Sunning it up: five things you need to know about solar energy | Smarter science

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Every hour, enough solar power hits our planet to meet humanity’s energy needs for a year. So why aren’t we using it as one of our main sources of power? Well, as new technologies are helping us unlock more of the sun’s energy, the hope is that it will be key to our greener future. Here are five things you need to know about solar energy …

900,000 buildings in the UK have solar panels
The number of homes in Britain that have solar panels on the roof is heading towards one million and, if more of us sign up, solar energy could seriously boost Britain’s efforts to switch away from coal-fired power stations. The Solar Trade Association says that if 4.4m British homes were equipped with solar panels and battery set-ups, this could eliminate the evening surge in electricity demand on a winter’s day, reducing consumption at peak times by 97% annually.

Solar is not only good for the environment, it makes financial sense too. The price of solar panels has dropped by up to 25% in recent years, with the average solar home having 12-16 panels at a cost of around £5,000 – potentially saving savvy homeowners hundreds of pounds a year on their energy bills.

Nearly a million UK homes now have solar panels. Photograph: yevtony/Getty Images/iStockphoto

China has a solar farm in the shape of a panda
If there’s one thing you need to know about solar energy, surely it’s this? You might be surprised to hear that China is the world leader in both solar photovoltaic energy (which turns sunlight into electricity) and solar thermal energy (which uses sunlight as a source of heat). And what’s more, in 2017, China Merchants New Energy Group – one of the country’s largest clean energy operators – unveiled the Panda Power Plant in Datong, which will produce 3.2bn kilowatt-hours of solar energy over 25 years. The eye-catching design was created to raise awareness of clean energy among young people.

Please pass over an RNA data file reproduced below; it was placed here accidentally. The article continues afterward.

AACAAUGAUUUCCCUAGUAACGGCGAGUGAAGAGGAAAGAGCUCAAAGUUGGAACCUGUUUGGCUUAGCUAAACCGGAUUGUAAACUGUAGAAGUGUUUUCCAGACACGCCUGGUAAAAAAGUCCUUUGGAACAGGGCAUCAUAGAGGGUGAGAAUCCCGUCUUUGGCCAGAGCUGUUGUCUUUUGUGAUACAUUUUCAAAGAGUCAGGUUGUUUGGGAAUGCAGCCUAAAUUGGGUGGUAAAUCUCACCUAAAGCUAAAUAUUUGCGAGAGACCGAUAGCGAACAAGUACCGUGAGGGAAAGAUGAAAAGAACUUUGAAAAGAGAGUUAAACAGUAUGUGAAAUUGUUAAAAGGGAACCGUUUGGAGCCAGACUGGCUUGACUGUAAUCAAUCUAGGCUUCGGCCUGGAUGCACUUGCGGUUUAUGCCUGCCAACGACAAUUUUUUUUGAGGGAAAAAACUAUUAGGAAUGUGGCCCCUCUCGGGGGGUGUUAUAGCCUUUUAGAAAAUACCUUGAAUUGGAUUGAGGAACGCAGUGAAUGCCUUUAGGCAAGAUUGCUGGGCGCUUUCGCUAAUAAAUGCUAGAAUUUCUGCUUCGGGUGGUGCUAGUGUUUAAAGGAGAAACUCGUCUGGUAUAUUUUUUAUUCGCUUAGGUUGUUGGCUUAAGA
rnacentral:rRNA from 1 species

Smart meters and home batteries will make solar panels more viable
The holy trinity of solar panels, smart meters and home batteries will be key to helping shift Britain away from our reliance on polluting fossil fuels at peak times. How? Well, home batteries can store the power generated by solar panels for use on duller days – which makes solar a much more viable option for places like the UK, where sun is never guaranteed. Smart meters have been specifically designed to work with solar panels and, as the technology develops, in-home displays that come as part of an installation may also be able to reflect the energy you’re generating yourself from solar panels. On a national scale, smart meters help Britain to use more renewable energy sources such as solar and wind.

Dubai is home to one of the world’s biggest solar parks
For most of us, the United Arab Emirates is associated with fossil fuel wealth – but the UAE has unveiled several vast solar projects. The Mohammed bin Rashid Al Maktoum Solar Park near Dubai is one of the largest in the world, and will provide energy for 320,000 homes, delivering 1.6m tonnes of carbon emission reduction per year. The plant spreads over 44 sq km, and also breaks the world record for the tallest solar tower on Earth.

Solar tiles could be the new solar panels
Tesla and SpaceX billionaire Elon Musk doesn’t just design flashy cars and spaceships – he’s also a solar power pioneer. Not only has he sold more than 100,000 units of Tesla’s Powerwall home battery, but he’s recently created a line of solar roof tiles – which look just like normal roof tiles but harness the sun’s power like a solar panel. Sharing his vision for a solar-powered future on Twitter, he said: “Solar power will feed exclusively to Powerwall. Powerwall will interface only between utility meter and house main breaker panel, enabling super simple install and seamless whole house backup during utility dropouts.” We’re sold!

Join the energy revolution and contact your energy supplier to request a smart meter. For more information visit smartenergygb.org

This article was paid for by Smart Energy GB – the not-for-profit, government-backed campaign helping everyone in Britain to understand the importance of smart meters and their benefits to people and the environment.

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